JULY, 2007


You think bears are a problem?  At least they’ll finish with you fairly quickly.  Hokkaido has another little fella – and I mean really little – that’ll chew through your guts and brain for decades before you notice.  Then one day, in the autumn of your life, you’ll throw your hands up in sweet surrender having no idea why you’re down at the shops again and toddle off to the doctor’s all in a tizz about Alzheimer’s, only to be told you don’t have enough grey matter left for that to be of any concern. Most of it has been digested by an insidious little tapeworm family that has been sluicing around inside your cranium for the past half century.  Echinococcus is its name, and yep, half your head’s tapeworm shit.

The dirty little parasites reside in the guts of the scrawny Northern Fox and like any creatures that decide to make their homes inside the belly of another, they have to be ready for the inevitable day when nature comes a calling and they make the pass through the arse, landing with an unceremonious thud on the surface of good old Planet Earth.

But that ain’t all folks.  Enter the Hokkaido mice.  These little critters are quite partial to a nibble on a knubbly little fox grogin, steaming away in the early morning Hokkaido sunshine.  In doing so, though, they inadvertently end up downing a few of the tapeworm eggs into the bargain.  Time passes and the mice grow nice and fat and juicy along with the worms inside them and one day up pops Fantastic Mr Fox all eager to down a mousey morsel though unbeknown to him, chock full of maturing tapeworms, who slip slide down his oesophagus just in time for the family reunion in his gut.

As wondrous and majestic as nature can sometimes be, things can occasionally take a rather more nefarious course.  The trouble arises when the contaminated fox poo finds its way into the water supply, your drink bottle and, subsequently, you.  This is the news your friendly family doctor back at the clinic will be breaking to you as he peers up from behind your brain scan.  A snapshot of the inside of your skull that resembles something more like a plate of tagliatelle from Romano’s Italian Restaurant around the corner rather than anything remotely linked to human cranial anatomy.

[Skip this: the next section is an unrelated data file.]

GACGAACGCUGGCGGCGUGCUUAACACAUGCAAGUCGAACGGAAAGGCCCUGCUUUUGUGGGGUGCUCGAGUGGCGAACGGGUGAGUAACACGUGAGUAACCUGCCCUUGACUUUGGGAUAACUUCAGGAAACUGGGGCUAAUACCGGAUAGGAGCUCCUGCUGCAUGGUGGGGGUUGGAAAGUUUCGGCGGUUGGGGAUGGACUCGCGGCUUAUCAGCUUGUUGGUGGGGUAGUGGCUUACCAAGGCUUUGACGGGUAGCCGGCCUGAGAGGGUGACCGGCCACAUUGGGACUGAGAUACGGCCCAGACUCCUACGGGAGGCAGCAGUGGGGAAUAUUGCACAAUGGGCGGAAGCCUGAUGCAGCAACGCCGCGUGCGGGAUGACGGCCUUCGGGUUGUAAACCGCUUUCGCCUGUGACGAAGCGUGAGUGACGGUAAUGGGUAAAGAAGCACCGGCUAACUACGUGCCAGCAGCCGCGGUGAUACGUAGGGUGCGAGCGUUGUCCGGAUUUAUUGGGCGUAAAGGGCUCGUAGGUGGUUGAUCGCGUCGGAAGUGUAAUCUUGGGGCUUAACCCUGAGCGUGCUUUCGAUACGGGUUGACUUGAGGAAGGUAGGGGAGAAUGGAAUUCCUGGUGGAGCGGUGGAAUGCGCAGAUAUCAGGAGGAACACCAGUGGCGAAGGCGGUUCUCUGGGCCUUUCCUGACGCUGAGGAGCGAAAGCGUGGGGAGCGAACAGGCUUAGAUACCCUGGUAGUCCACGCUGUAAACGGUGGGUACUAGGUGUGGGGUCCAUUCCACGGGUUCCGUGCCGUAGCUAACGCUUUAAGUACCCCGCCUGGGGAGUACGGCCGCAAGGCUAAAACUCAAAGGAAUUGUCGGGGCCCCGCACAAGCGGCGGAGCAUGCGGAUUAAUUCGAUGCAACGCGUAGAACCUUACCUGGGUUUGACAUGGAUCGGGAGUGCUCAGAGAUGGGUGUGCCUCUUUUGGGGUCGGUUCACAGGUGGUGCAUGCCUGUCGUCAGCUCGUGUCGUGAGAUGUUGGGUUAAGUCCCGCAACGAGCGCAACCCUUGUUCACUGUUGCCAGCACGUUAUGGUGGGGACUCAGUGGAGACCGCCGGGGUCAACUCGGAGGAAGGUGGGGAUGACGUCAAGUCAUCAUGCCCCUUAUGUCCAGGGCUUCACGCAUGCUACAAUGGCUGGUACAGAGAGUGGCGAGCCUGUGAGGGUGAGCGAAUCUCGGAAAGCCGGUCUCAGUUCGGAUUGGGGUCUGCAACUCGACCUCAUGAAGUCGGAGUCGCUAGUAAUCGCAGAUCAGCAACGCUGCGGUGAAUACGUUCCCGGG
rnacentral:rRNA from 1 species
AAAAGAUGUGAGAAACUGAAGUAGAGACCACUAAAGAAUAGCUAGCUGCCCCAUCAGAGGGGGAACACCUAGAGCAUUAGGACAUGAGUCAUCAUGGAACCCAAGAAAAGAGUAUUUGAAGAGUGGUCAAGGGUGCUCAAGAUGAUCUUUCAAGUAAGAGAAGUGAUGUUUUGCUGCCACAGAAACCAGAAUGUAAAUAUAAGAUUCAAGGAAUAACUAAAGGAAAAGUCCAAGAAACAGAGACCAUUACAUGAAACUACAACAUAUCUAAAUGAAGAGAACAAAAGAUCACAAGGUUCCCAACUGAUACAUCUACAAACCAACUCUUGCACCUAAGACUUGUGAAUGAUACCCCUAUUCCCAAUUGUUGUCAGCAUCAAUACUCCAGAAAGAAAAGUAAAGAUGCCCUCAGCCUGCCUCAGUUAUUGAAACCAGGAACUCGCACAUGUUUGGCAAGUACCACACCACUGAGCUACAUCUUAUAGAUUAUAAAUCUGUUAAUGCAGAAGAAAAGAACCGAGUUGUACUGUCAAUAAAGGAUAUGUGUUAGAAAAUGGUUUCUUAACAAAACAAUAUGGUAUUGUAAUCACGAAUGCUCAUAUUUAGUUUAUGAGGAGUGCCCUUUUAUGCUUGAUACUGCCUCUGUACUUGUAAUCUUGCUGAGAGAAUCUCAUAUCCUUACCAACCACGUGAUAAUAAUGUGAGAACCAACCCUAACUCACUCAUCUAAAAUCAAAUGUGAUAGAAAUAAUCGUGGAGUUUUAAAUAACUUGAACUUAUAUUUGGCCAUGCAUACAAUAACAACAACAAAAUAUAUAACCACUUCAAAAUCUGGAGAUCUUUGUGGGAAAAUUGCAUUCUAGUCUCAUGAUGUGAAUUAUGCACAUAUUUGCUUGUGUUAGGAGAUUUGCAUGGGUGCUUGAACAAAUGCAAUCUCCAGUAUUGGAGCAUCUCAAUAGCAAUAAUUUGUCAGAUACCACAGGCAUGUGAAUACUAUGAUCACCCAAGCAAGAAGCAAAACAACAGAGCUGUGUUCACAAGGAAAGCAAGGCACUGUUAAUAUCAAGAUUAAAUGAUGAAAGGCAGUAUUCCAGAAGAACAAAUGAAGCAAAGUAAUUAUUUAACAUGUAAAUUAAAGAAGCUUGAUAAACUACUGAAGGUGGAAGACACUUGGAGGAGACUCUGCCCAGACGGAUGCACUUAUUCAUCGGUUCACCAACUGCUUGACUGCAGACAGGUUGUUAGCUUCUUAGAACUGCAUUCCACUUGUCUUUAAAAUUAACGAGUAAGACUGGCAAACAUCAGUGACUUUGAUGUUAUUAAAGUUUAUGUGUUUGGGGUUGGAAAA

And so, it was with this sweet little vignette playing in my mind that I found myself squatting outside my tent at the crowded Hakuun Campsite, high in the Hokkaido wilderness boiling my following day’s water supply collected from a stream flowing out from under a nearby snowdrift.

I’d hiked the day away, climbing up out of the clouds that draped the lowlands of central Hokkaido in a pall of overcast, alongside a chap named Satoshi-san.  An orthopaedic surgeon from Osaka, he’d tagged a few days of hiking on to the end of a conference trip north.  We were heading deep into the Daisetsu-san National Park, Japan’s largest and wildest.  All in all it encompasses around 230,000 hectares of bear and fox and tapeworm country.  It was the perfect long weekend getaway.  Well, at least I and some hundred other people thought so anyway.

Add the fact that this was to be the first monster hike of my short life in the mountains, a five dayer, traversing three of the Hyakumeizan to boot and I’d have been telling pork pies if I didn’t admit to a few pangs of anxiety lurking in my otherwise as yet uninfested gut.

Climbers dotted the steep two hour climb of mini switchbacks up the gravelly remnants of the collapsed crater of Asahi-dake, noisily venting plumes of sulphuric gases.  Gripped, to varying degrees, by their own personal struggles against the mountain, they leant into the task, pausing for moments to catch their breaths and wipe their sweaty brows, propping themselves upon their hiking poles or against rugged boulders.